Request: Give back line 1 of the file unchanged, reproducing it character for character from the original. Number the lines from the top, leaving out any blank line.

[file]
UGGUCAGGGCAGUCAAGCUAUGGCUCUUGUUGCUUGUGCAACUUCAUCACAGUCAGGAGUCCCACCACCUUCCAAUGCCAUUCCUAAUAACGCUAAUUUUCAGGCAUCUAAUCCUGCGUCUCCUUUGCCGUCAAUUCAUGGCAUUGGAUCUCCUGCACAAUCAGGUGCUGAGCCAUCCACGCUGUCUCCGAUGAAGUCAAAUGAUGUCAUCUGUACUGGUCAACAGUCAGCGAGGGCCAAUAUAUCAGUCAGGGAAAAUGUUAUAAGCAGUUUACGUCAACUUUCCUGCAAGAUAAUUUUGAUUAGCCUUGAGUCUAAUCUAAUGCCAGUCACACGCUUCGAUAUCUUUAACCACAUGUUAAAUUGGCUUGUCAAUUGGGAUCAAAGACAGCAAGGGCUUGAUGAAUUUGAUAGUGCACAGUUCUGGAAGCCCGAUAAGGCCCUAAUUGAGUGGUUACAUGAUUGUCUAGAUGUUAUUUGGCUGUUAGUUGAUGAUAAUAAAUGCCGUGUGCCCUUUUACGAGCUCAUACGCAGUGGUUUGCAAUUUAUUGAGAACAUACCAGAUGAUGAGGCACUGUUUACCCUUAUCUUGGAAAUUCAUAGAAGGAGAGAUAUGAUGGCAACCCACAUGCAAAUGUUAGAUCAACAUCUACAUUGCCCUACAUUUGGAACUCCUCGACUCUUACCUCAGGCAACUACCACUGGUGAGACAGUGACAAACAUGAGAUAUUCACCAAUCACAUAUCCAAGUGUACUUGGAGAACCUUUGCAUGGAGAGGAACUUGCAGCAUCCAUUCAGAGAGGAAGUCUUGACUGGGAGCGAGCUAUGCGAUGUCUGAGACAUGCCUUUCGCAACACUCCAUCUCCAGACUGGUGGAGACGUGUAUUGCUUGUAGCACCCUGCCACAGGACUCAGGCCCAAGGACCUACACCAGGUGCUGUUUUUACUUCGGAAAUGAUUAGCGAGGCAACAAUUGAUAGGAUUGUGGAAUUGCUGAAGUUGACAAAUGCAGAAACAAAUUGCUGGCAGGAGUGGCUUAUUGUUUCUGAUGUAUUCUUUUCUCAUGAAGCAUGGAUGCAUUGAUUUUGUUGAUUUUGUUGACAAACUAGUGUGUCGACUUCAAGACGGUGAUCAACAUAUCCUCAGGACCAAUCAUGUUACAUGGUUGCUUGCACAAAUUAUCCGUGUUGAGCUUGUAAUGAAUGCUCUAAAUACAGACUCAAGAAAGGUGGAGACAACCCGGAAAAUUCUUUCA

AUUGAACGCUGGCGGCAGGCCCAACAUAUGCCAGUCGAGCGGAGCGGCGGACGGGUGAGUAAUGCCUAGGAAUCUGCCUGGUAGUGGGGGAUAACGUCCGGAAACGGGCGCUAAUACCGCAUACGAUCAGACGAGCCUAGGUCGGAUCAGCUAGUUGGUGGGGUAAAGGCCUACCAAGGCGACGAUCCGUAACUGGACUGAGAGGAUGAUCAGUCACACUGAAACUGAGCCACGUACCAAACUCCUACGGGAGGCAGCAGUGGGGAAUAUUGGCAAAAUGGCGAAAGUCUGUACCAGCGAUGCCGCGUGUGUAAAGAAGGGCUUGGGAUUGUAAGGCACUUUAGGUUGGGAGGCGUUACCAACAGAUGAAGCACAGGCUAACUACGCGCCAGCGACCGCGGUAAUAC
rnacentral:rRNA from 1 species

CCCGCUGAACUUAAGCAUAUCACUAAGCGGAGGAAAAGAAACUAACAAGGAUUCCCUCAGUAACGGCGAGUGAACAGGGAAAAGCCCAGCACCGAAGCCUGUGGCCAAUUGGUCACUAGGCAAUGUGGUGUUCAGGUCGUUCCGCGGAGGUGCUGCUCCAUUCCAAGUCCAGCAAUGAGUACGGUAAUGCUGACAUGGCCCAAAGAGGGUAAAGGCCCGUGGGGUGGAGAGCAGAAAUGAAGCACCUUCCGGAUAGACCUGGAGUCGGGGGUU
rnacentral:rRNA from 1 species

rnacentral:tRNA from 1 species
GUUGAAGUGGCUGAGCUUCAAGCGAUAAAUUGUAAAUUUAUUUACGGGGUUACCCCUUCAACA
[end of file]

UGGUCAGGGCAGUCAAGCUAUGGCUCUUGUUGCUUGUGCAACUUCAUCACAGUCAGGAGUCCCACCACCUUCCAAUGCCAUUCCUAAUAACGCUAAUUUUCAGGCAUCUAAUCCUGCGUCUCCUUUGCCGUCAAUUCAUGGCAUUGGAUCUCCUGCACAAUCAGGUGCUGAGCCAUCCACGCUGUCUCCGAUGAAGUCAAAUGAUGUCAUCUGUACUGGUCAACAGUCAGCGAGGGCCAAUAUAUCAGUCAGGGAAAAUGUUAUAAGCAGUUUACGUCAACUUUCCUGCAAGAUAAUUUUGAUUAGCCUUGAGUCUAAUCUAAUGCCAGUCACACGCUUCGAUAUCUUUAACCACAUGUUAAAUUGGCUUGUCAAUUGGGAUCAAAGACAGCAAGGGCUUGAUGAAUUUGAUAGUGCACAGUUCUGGAAGCCCGAUAAGGCCCUAAUUGAGUGGUUACAUGAUUGUCUAGAUGUUAUUUGGCUGUUAGUUGAUGAUAAUAAAUGCCGUGUGCCCUUUUACGAGCUCAUACGCAGUGGUUUGCAAUUUAUUGAGAACAUACCAGAUGAUGAGGCACUGUUUACCCUUAUCUUGGAAAUUCAUAGAAGGAGAGAUAUGAUGGCAACCCACAUGCAAAUGUUAGAUCAACAUCUACAUUGCCCUACAUUUGGAACUCCUCGACUCUUACCUCAGGCAACUACCACUGGUGAGACAGUGACAAACAUGAGAUAUUCACCAAUCACAUAUCCAAGUGUACUUGGAGAACCUUUGCAUGGAGAGGAACUUGCAGCAUCCAUUCAGAGAGGAAGUCUUGACUGGGAGCGAGCUAUGCGAUGUCUGAGACAUGCCUUUCGCAACACUCCAUCUCCAGACUGGUGGAGACGUGUAUUGCUUGUAGCACCCUGCCACAGGACUCAGGCCCAAGGACCUACACCAGGUGCUGUUUUUACUUCGGAAAUGAUUAGCGAGGCAACAAUUGAUAGGAUUGUGGAAUUGCUGAAGUUGACAAAUGCAGAAACAAAUUGCUGGCAGGAGUGGCUUAUUGUUUCUGAUGUAUUCUUUUCUCAUGAAGCAUGGAUGCAUUGAUUUUGUUGAUUUUGUUGACAAACUAGUGUGUCGACUUCAAGACGGUGAUCAACAUAUCCUCAGGACCAAUCAUGUUACAUGGUUGCUUGCACAAAUUAUCCGUGUUGAGCUUGUAAUGAAUGCUCUAAAUACAGACUCAAGAAAGGUGGAGACAACCCGGAAAAUUCUUUCA